Getting Started

Lets kick things off with an example (playground link):

# extern crate rand;

// import commonly used items from the prelude:
use rand::prelude::*;

fn main() {
    // We can use random() immediately. It can produce values of many common types:
    let x: u8 = random();
    println!("{}", x);

    if random() { // generates a boolean

    // If we want to be a bit more explicit (and a little more efficient) we can
    // make a handle to the thread-local generator:
    let mut rng = thread_rng();
    if rng.gen() { // random bool
        let x: f64 = rng.gen(); // random number in range [0, 1)
        let y = rng.gen_range(-10.0, 10.0);
        println!("x is: {}", x);
        println!("y is: {}", y);
        println!("Number from 0 to 9: {}", rng.gen_range(0, 10));
    // Sometimes it's useful to use distributions directly:
    let distr = rand::distributions::Uniform::new_inclusive(1, 100);
    let mut nums = [0i32; 3];
    for x in &mut nums {
        *x = rng.sample(distr);
    println!("Some numbers: {:?}", nums);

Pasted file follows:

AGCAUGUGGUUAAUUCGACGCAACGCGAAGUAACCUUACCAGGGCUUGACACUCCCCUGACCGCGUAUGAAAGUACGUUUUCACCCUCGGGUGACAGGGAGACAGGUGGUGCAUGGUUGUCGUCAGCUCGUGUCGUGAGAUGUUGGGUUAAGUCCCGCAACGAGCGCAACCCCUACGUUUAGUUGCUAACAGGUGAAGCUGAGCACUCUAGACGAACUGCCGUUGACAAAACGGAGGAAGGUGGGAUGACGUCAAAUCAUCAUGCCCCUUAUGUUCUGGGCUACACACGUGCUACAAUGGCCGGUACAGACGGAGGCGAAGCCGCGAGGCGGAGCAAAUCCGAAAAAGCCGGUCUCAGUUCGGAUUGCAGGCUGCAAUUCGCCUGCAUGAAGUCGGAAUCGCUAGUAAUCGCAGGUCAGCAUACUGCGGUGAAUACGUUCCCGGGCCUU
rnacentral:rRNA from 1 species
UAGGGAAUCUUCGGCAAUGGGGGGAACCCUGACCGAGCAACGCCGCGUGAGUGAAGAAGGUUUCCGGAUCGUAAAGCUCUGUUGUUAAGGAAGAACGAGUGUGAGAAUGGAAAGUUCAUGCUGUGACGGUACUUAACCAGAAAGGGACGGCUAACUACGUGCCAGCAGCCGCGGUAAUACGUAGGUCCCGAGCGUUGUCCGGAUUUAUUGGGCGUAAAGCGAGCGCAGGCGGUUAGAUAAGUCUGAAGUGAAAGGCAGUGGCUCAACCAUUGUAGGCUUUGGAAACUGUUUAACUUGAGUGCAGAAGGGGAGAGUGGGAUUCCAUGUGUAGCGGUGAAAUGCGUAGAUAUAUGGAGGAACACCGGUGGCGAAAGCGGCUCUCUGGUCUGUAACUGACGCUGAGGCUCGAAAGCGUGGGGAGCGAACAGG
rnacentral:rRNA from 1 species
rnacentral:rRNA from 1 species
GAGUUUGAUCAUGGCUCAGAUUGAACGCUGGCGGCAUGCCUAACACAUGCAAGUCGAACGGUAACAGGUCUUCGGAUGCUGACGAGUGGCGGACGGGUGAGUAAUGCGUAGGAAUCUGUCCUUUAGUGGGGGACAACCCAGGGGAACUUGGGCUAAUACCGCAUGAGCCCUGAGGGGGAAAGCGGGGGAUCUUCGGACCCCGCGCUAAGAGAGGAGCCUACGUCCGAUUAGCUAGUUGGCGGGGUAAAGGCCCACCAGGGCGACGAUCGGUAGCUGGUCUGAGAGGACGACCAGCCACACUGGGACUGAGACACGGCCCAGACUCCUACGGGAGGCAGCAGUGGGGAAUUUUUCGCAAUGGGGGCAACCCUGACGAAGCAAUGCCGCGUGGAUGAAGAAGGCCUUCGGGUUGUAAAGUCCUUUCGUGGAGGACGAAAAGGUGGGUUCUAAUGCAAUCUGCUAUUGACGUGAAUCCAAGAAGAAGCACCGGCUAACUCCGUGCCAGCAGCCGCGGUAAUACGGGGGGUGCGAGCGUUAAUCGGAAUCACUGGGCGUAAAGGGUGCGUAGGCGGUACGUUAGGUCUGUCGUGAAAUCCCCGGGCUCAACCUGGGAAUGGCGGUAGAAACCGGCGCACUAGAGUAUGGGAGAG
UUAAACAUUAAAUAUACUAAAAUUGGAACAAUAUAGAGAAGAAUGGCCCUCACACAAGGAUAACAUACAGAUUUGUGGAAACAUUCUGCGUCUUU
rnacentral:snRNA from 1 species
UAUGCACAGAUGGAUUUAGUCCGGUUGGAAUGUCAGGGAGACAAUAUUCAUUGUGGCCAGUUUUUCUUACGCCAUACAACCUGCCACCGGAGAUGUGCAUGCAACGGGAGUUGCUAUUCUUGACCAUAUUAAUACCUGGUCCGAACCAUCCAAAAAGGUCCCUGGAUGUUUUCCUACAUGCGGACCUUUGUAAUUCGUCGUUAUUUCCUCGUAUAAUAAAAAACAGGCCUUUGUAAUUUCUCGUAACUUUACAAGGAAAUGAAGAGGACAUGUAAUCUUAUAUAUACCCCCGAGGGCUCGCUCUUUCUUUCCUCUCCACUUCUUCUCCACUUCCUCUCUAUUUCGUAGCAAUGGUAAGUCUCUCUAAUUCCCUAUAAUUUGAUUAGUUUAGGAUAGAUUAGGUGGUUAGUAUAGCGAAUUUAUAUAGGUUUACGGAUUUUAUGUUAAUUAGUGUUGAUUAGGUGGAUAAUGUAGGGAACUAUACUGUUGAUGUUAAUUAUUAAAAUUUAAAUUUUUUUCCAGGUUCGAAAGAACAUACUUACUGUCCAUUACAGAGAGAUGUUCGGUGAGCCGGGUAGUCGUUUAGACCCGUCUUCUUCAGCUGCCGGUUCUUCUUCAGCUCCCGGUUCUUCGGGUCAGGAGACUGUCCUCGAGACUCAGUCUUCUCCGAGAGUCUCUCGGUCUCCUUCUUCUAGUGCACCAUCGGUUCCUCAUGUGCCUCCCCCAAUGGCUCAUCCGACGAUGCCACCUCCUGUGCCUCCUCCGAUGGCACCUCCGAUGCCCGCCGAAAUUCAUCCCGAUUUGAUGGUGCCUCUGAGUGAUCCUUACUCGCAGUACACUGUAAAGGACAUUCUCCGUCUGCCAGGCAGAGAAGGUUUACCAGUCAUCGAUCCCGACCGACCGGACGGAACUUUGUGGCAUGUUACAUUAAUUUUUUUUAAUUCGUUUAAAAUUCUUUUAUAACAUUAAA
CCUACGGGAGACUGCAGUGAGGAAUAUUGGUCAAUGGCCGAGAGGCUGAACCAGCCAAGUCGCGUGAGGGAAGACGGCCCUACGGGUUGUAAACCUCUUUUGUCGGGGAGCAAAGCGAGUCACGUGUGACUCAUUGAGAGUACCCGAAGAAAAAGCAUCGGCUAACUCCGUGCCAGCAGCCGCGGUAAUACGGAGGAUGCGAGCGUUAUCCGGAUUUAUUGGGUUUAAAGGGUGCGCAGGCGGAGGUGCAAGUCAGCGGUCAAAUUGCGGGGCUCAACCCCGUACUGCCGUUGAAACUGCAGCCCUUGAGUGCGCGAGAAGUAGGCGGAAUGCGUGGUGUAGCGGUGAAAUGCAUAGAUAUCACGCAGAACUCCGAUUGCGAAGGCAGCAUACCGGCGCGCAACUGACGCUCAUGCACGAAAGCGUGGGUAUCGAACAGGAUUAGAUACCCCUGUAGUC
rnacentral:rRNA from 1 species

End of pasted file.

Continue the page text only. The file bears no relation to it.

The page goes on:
// We can also interact with iterators and slices:
    let arrows_iter = "➡⬈⬆⬉⬅⬋⬇⬊".chars();
    println!("Lets go in this direction: {}", arrows_iter.choose(&mut rng).unwrap());
    let mut nums = [1, 2, 3, 4, 5];
    nums.shuffle(&mut rng);
    println!("I shuffled my {:?}", nums);

The first thing you may have noticed is that we imported everything from the prelude. This is the lazy way to use rand, and like the standard library's prelude, only imports the most common items. If you don't wish to use the prelude, remember to import the Rng trait!

The Rand library automatically initialises a secure, thread-local generator on demand. This can be accessed via the thread_rng and random functions. For more on this topic, see Random generators.

While the random function can only sample values in a Standard (type-dependent) manner, thread_rng gives you a handle to a generator. All generators implement the Rng trait, which provides the gen, gen_range and sample methods used above.

Rand provides functionality on iterators and slices via two more traits, IteratorRandom and SliceRandom.